A fossil can simply be described as "any evidence of past life".
Fossils are relatively rare because most organisms are 'designed' to
decompose once they die, and so miss out on any long-term preservation. There are however occasions when for one reason or another an organism
will fossilise in an environment conducive to the process.
environment to support fossilisation, the dead organism should be exposed to
the following conditions:
lack of oxygen (O2),
- submergence under water, ice or permafrost,
- extremes of temperature,
- extremes of pH (potenz hydrogenous), or
- extreme aridity over a long period.
It is particularly common for
small single-celled algae and pollen to be preserved because pollen grains
in particular have a hard decay-resistant coat called an exine. Other
commonly fossilised plant parts include floral reproductive organs, stems,
wood, and leaves.
You might be wondering what exactly constitutes a
fossil? Many people recognise the impression-types, however these are one of
several fossil types recognised by palaeobotanists:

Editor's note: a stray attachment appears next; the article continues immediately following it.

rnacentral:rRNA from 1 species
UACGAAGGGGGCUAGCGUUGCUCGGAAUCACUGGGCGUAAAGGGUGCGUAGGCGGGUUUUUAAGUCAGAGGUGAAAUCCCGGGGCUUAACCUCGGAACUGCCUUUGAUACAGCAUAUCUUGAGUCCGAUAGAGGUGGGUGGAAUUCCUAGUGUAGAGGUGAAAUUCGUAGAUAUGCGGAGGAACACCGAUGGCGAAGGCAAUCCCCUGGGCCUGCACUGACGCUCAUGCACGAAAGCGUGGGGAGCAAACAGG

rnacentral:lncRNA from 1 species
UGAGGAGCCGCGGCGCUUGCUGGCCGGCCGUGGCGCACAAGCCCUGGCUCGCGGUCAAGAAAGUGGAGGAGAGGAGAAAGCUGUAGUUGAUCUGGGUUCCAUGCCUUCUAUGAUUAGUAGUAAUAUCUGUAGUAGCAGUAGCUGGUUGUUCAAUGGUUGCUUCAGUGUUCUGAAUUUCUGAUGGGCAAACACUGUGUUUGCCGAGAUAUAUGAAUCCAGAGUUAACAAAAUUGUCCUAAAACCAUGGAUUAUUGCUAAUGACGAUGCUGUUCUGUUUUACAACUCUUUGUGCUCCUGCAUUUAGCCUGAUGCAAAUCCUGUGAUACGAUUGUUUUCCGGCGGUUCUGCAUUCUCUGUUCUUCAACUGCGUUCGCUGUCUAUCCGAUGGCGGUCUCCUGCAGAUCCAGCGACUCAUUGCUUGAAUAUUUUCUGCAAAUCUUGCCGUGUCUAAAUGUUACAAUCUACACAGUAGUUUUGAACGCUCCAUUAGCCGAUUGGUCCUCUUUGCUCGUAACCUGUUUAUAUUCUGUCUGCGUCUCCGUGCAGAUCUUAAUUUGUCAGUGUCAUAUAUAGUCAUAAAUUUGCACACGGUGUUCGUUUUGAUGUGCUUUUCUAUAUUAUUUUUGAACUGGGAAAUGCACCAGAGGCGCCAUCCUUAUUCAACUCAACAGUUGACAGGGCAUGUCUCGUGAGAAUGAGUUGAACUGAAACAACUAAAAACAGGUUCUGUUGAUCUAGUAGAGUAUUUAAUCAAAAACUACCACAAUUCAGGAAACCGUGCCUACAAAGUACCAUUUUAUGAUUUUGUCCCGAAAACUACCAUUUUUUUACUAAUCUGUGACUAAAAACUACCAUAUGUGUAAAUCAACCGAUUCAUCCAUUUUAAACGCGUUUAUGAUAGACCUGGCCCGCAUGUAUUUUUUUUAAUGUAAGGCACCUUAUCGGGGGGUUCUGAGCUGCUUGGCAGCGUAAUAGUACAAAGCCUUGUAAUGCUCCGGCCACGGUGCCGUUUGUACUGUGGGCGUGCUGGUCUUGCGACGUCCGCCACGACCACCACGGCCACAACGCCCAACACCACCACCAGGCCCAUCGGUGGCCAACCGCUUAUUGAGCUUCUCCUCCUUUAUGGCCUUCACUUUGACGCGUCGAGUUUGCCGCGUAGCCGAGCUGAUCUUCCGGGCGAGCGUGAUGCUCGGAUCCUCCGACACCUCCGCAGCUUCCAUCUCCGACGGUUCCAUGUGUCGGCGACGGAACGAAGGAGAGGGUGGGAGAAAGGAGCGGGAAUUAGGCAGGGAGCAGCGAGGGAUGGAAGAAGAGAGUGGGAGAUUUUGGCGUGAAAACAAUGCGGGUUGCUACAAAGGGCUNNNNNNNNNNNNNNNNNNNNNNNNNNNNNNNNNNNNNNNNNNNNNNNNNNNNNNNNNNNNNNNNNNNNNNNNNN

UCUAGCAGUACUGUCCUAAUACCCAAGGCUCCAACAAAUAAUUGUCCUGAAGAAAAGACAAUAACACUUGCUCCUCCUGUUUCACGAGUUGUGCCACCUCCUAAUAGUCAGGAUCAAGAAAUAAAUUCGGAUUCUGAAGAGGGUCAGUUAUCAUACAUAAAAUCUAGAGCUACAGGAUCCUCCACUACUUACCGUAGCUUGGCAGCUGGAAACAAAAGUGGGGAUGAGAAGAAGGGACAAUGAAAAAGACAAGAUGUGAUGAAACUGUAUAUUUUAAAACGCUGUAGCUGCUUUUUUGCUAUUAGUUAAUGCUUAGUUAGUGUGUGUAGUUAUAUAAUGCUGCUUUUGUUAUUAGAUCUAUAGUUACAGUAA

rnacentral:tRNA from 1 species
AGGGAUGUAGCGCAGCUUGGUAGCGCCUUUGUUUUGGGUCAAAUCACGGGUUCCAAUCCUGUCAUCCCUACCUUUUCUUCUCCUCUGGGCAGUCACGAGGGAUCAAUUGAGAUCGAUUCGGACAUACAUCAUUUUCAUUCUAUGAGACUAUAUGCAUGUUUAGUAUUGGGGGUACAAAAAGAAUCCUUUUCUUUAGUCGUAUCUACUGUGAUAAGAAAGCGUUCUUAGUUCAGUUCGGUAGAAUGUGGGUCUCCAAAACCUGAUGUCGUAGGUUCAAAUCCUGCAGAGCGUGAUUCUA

These are the most commonly recognised type of fossil. They are
created when plant parts are covered in a layer of mud, rock, or ash. The
ash may become wet, and 'set' like concrete, preserving the shape of the
plant. The plant itself still degrades, and no anatomical material remains.
These fossils give an idea of the morphology of the plant. They are
Alethopteris seed fern fossil leaf from Oklahoma, USA. Photo by
These are the result of the plant material
being buried under pressure. The carbon (C) in the material changes its
structure and becomes coal. The details of the plants often remain,
including cellular details. Fossils composed of black coals are of the
highest quality. Most fossils date back to the Carboniferous period of 345
million years ago.
The word petrifaction means 'turned to stone', and
that is literally what happens with this type of fossil!
The carbon atoms in
the plant material are exposed to minerals in the soil, and are gradually
exchanged with calcium (Ca), magnesium (Mg) and/or silicon (Si) atoms.
Sometimes other minerals are involved. The complete cellular detail is
preserved, but can be difficult to date (see the section on
A piece of opalised, petrified wood. Photo by
A Jurassic-era flower, embedded in amber. Photo by